Actors and directors have to work really hard to make everything in a movie believable to the audience, including the sex scenes, so how do they actually feel about these scenes? Do they love them or hate them? Click through to find out…
Lena Dunham who writes, directs, produces and stars in the television series Girls writes the sex scenes for the show and said: “I will be lying there, kind of being slammed by a naked body, thinking, ‘I want out of this bed. I want out of this scene. I want out of this life. Who did this to me?’ And I realized, I’m my own boss. I’ve written it. I’m directing it. I’m the person holding myself in sexual slavery.” Maybe she should give herself a break every now and then…
Blue Valentine’s director Derek Cianfrance created quite a realistic sex scene in the film starring Ryan Gosling and Michelle Williams. The scene was the difference between an R rating (in the US people under 17 can see the film if they’re accompanied by an adult – different to our R rating) and the NC-17 rating (similar to our R rating). Ryan tried to convince the MPAA to change the rating to an R after calling them sexist and saying that it’s a married couple making love so it shouldn’t be given the more restrictive rating. He won (of course he did, he’s Ryan Freaking Gosling). Ryan said this about filming sex scenes: “Actors become very professional and proficient about watching out for each other’s light and not stepping on each other’s lines. All of these things are artificial, and you have to strip that away if you’re going to achieve a sense of intimacy. In real life sex is messy… “
The Weinstein Company
Michael Fassbender’s role in the film Shame as a sex addict often had him naked in from of the camera. He said that they were obviously very awkward to do and that you want to make sure that the girl doesn’t feel like you’re taking advantage, “The most important thing is to say, ‘Let’s talk about this.’… You have to say, ‘What lines do you have that you don’t want me to cross? Do you mind if I touch your breasts? Do you not want me to do that? Can I kiss your breasts? Just so you know, I’m not taking advantage here and taking the piss out of this scenario. You let me know what boundaries you’re comfortable working within.’… Yeah, you tell jokes on set and try to make things as relaxed as possible, because to be honest, you want to get in there and go for it immediately. Then it’s going to be over quicker!”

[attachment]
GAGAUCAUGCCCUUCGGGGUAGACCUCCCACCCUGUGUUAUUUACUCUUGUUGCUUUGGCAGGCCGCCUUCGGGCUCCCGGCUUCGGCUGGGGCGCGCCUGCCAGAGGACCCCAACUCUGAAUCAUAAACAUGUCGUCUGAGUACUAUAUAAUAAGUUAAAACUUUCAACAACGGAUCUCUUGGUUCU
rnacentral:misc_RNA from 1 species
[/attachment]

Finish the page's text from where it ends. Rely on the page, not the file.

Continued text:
Fox Searchlight Pictures
Director Woody Allen told the New York Times that: “If you have no limits, it does become more difficult because there are so many options. Years ago, you had no options, so you had to come up with a few sophisticated ways to show sex. Now you can virtually do what you want to do, and it becomes more of an esthetic decision, and it becomes tougher… Because you can’t hide behind the fact that they’ll censor you, and you’ve got to come up with something that is ingenious or esthetically pleasing, and you really have no limits to what you want to show.”
Martin Scorsese confessed that he has no real idea on how to approach sex on film anymore: “In the ‘70s, sex was tougher, stronger, I think. Certain things were very powerful, and I mean movies like Five Easy Pieces or Drive… They were so strange. Now, to a certain extent, with the exception of Crash, which I think is an extraordinary movie, and the very powerful way that Breaking the Waves goes about sexuality — there is a kind of scrubbed-clean quality that is not even sensual anymore. They are fake images and fake bodies. How do you shoot a sex scene? What would you do? I personally don’t know how anymore… It really is tougher.”
Amanda Seyfried has got a completely different attitude to sex scenes, saying: “Sex scenes are great. A lot of my co-stars have been sexy guys my age, and so, why not? I’m not going to pretend it’s not fun,” she added that "Justin was great - he had come from doing Friends With Benefits, where he basically had sex every day at work - and so it was easy for both of us." But surprisingly, her favourite scene was her kissing scene with Megan Fox in Jennifer’s Body, she said: “They had an extreme close-up of our tongues, and I'm telling you, the thing about the scene is that it's actually really sexy.”
Justin Timberlake has a completely different take to his co-star Amanda Seyfriend, saying: "It's actually kind of annoying, you're there for 12 hours, it's exhausting…All those scenes revolve around the dialogue and physical humour is so tiring."